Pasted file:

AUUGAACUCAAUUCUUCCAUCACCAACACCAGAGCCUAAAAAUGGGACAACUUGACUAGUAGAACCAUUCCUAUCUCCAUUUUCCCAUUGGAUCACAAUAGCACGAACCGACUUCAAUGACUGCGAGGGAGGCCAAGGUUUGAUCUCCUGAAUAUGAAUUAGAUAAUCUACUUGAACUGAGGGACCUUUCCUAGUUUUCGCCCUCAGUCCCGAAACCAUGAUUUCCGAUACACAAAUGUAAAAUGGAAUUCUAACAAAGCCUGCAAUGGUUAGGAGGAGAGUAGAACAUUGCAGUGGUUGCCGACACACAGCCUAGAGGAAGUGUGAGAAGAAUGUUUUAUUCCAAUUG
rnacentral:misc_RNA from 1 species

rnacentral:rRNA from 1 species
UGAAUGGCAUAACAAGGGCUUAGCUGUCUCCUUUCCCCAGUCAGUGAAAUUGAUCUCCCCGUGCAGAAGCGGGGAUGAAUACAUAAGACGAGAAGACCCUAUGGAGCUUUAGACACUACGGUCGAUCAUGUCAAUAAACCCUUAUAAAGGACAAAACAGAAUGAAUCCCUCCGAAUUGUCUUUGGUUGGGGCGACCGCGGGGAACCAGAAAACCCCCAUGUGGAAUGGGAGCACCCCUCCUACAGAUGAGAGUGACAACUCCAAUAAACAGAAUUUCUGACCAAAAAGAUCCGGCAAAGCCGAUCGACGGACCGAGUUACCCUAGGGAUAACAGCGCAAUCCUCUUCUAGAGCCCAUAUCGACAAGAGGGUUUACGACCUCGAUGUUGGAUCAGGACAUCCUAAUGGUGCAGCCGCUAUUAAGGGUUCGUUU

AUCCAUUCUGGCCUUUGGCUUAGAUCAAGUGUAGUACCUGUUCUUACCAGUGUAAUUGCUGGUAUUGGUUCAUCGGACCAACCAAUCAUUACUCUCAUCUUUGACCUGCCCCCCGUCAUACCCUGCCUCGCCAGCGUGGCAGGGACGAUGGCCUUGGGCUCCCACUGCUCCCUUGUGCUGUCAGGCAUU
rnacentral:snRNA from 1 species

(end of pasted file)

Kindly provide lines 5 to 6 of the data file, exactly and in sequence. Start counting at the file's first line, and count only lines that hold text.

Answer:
AUCCAUUCUGGCCUUUGGCUUAGAUCAAGUGUAGUACCUGUUCUUACCAGUGUAAUUGCUGGUAUUGGUUCAUCGGACCAACCAAUCAUUACUCUCAUCUUUGACCUGCCCCCCGUCAUACCCUGCCUCGCCAGCGUGGCAGGGACGAUGGCCUUGGGCUCCCACUGCUCCCUUGUGCUGUCAGGCAUU
rnacentral:snRNA from 1 species